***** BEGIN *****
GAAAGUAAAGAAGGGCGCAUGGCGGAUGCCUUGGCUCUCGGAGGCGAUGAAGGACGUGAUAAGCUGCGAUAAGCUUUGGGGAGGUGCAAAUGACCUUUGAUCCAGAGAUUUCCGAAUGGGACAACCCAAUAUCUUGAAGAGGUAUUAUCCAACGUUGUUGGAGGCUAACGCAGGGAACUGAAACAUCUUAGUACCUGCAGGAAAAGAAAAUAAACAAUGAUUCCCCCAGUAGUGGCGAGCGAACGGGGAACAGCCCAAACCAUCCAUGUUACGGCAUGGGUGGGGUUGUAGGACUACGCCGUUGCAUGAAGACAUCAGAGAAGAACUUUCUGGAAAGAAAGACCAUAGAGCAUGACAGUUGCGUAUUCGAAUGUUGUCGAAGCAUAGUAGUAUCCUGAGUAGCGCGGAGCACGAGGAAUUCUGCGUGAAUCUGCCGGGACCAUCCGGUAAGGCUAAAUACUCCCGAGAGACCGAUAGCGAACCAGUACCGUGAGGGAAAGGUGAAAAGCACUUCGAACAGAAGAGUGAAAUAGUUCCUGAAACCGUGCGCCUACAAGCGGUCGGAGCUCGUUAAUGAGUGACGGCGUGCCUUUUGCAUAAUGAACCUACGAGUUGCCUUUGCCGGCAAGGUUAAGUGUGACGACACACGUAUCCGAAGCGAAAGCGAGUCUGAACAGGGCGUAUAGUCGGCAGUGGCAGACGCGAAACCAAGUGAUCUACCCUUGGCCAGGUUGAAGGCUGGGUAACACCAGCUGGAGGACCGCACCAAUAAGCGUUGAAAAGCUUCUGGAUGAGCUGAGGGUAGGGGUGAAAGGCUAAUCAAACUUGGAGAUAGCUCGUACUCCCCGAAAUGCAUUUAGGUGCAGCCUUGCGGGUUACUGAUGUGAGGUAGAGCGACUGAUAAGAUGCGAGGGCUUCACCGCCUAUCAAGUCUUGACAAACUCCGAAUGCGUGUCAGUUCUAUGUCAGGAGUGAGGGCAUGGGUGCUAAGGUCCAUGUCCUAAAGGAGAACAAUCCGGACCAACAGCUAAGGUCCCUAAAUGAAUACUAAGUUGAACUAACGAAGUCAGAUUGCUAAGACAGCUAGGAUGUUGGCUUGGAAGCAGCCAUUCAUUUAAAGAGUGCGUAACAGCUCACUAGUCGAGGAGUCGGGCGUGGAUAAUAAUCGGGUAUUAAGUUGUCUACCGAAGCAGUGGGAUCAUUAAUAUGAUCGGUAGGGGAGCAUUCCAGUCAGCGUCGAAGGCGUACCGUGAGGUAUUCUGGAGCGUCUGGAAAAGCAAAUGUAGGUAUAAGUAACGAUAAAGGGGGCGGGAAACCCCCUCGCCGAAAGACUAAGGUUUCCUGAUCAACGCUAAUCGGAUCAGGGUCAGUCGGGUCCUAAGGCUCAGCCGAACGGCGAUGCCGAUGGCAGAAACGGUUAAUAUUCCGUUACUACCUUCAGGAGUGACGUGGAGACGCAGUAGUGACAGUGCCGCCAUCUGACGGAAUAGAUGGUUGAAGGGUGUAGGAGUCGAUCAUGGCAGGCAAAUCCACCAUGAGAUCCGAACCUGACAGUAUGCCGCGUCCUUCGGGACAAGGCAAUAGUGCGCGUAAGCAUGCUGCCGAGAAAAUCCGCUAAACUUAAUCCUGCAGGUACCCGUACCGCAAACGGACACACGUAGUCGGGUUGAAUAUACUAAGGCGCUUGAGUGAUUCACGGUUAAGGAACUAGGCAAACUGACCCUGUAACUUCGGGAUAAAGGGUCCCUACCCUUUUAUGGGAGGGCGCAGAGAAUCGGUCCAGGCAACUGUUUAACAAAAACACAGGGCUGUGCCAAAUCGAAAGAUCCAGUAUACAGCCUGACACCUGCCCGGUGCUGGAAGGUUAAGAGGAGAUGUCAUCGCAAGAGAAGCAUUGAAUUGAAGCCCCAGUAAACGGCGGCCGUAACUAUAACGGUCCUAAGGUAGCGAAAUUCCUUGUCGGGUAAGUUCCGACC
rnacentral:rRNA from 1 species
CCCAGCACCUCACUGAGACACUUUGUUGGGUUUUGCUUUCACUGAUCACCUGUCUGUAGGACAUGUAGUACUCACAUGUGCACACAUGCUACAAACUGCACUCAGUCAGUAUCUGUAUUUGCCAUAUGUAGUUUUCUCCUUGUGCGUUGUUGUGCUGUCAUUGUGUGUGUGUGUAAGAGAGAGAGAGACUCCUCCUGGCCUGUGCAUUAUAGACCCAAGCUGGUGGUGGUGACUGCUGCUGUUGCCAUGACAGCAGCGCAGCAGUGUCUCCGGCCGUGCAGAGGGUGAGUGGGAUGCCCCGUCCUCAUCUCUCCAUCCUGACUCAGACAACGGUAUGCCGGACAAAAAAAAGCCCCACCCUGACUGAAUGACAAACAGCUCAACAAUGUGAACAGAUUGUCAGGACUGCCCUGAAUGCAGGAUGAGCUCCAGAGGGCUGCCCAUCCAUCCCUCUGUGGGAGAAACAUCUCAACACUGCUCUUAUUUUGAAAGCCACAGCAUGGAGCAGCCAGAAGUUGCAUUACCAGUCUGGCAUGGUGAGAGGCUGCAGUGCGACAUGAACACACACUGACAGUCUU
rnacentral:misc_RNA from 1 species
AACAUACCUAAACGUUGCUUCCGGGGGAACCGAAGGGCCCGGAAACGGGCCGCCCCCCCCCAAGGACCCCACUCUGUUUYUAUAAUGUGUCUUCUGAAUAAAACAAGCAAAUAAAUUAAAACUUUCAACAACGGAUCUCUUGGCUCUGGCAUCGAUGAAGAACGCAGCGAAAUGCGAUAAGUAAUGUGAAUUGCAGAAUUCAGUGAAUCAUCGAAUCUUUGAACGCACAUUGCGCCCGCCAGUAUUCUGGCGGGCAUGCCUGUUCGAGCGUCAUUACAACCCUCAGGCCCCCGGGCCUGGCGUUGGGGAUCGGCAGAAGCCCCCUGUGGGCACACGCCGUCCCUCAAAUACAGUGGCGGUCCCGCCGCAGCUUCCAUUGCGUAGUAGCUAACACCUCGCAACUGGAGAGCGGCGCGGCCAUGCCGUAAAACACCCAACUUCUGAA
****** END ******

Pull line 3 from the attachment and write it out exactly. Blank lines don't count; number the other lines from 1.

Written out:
CCCAGCACCUCACUGAGACACUUUGUUGGGUUUUGCUUUCACUGAUCACCUGUCUGUAGGACAUGUAGUACUCACAUGUGCACACAUGCUACAAACUGCACUCAGUCAGUAUCUGUAUUUGCCAUAUGUAGUUUUCUCCUUGUGCGUUGUUGUGCUGUCAUUGUGUGUGUGUGUAAGAGAGAGAGAGACUCCUCCUGGCCUGUGCAUUAUAGACCCAAGCUGGUGGUGGUGACUGCUGCUGUUGCCAUGACAGCAGCGCAGCAGUGUCUCCGGCCGUGCAGAGGGUGAGUGGGAUGCCCCGUCCUCAUCUCUCCAUCCUGACUCAGACAACGGUAUGCCGGACAAAAAAAAGCCCCACCCUGACUGAAUGACAAACAGCUCAACAAUGUGAACAGAUUGUCAGGACUGCCCUGAAUGCAGGAUGAGCUCCAGAGGGCUGCCCAUCCAUCCCUCUGUGGGAGAAACAUCUCAACACUGCUCUUAUUUUGAAAGCCACAGCAUGGAGCAGCCAGAAGUUGCAUUACCAGUCUGGCAUGGUGAGAGGCUGCAGUGCGACAUGAACACACACUGACAGUCUU